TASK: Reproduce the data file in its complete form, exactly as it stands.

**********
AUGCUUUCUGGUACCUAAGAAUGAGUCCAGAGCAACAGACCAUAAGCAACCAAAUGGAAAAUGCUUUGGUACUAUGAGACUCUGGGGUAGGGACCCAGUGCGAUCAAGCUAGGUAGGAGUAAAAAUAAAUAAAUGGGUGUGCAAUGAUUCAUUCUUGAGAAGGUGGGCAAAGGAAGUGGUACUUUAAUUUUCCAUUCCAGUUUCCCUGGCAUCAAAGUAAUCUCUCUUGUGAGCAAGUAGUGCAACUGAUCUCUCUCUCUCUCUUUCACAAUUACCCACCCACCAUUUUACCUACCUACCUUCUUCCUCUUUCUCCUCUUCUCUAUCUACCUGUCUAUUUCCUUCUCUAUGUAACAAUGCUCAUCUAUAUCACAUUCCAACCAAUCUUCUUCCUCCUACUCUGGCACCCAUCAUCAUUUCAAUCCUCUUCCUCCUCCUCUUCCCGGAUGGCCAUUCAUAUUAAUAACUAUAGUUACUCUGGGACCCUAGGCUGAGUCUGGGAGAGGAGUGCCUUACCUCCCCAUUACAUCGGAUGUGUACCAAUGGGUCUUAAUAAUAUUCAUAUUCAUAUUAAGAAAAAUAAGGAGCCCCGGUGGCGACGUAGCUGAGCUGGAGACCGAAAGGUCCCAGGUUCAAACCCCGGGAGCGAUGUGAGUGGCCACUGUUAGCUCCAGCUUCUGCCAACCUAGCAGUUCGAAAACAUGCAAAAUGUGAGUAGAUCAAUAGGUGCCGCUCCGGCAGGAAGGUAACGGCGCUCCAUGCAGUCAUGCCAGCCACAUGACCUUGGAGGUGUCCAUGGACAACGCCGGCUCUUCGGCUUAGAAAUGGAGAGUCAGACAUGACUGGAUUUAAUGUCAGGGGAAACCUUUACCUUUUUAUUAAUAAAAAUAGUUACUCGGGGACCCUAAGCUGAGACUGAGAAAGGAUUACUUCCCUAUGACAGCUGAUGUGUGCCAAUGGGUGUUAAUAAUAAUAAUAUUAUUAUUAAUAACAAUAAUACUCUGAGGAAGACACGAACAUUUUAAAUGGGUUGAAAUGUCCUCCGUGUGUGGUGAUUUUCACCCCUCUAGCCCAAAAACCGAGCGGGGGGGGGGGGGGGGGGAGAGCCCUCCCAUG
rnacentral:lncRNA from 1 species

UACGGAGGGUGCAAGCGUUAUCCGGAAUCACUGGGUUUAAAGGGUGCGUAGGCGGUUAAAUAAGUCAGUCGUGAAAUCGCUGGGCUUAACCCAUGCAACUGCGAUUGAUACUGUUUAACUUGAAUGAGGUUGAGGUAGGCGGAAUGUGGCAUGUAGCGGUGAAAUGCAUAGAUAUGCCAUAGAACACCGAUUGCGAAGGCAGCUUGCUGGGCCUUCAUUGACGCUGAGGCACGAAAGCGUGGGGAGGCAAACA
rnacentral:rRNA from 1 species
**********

AUGCUUUCUGGUACCUAAGAAUGAGUCCAGAGCAACAGACCAUAAGCAACCAAAUGGAAAAUGCUUUGGUACUAUGAGACUCUGGGGUAGGGACCCAGUGCGAUCAAGCUAGGUAGGAGUAAAAAUAAAUAAAUGGGUGUGCAAUGAUUCAUUCUUGAGAAGGUGGGCAAAGGAAGUGGUACUUUAAUUUUCCAUUCCAGUUUCCCUGGCAUCAAAGUAAUCUCUCUUGUGAGCAAGUAGUGCAACUGAUCUCUCUCUCUCUCUUUCACAAUUACCCACCCACCAUUUUACCUACCUACCUUCUUCCUCUUUCUCCUCUUCUCUAUCUACCUGUCUAUUUCCUUCUCUAUGUAACAAUGCUCAUCUAUAUCACAUUCCAACCAAUCUUCUUCCUCCUACUCUGGCACCCAUCAUCAUUUCAAUCCUCUUCCUCCUCCUCUUCCCGGAUGGCCAUUCAUAUUAAUAACUAUAGUUACUCUGGGACCCUAGGCUGAGUCUGGGAGAGGAGUGCCUUACCUCCCCAUUACAUCGGAUGUGUACCAAUGGGUCUUAAUAAUAUUCAUAUUCAUAUUAAGAAAAAUAAGGAGCCCCGGUGGCGACGUAGCUGAGCUGGAGACCGAAAGGUCCCAGGUUCAAACCCCGGGAGCGAUGUGAGUGGCCACUGUUAGCUCCAGCUUCUGCCAACCUAGCAGUUCGAAAACAUGCAAAAUGUGAGUAGAUCAAUAGGUGCCGCUCCGGCAGGAAGGUAACGGCGCUCCAUGCAGUCAUGCCAGCCACAUGACCUUGGAGGUGUCCAUGGACAACGCCGGCUCUUCGGCUUAGAAAUGGAGAGUCAGACAUGACUGGAUUUAAUGUCAGGGGAAACCUUUACCUUUUUAUUAAUAAAAAUAGUUACUCGGGGACCCUAAGCUGAGACUGAGAAAGGAUUACUUCCCUAUGACAGCUGAUGUGUGCCAAUGGGUGUUAAUAAUAAUAAUAUUAUUAUUAAUAACAAUAAUACUCUGAGGAAGACACGAACAUUUUAAAUGGGUUGAAAUGUCCUCCGUGUGUGGUGAUUUUCACCCCUCUAGCCCAAAAACCGAGCGGGGGGGGGGGGGGGGGGAGAGCCCUCCCAUG
rnacentral:lncRNA from 1 species

UACGGAGGGUGCAAGCGUUAUCCGGAAUCACUGGGUUUAAAGGGUGCGUAGGCGGUUAAAUAAGUCAGUCGUGAAAUCGCUGGGCUUAACCCAUGCAACUGCGAUUGAUACUGUUUAACUUGAAUGAGGUUGAGGUAGGCGGAAUGUGGCAUGUAGCGGUGAAAUGCAUAGAUAUGCCAUAGAACACCGAUUGCGAAGGCAGCUUGCUGGGCCUUCAUUGACGCUGAGGCACGAAAGCGUGGGGAGGCAAACA
rnacentral:rRNA from 1 species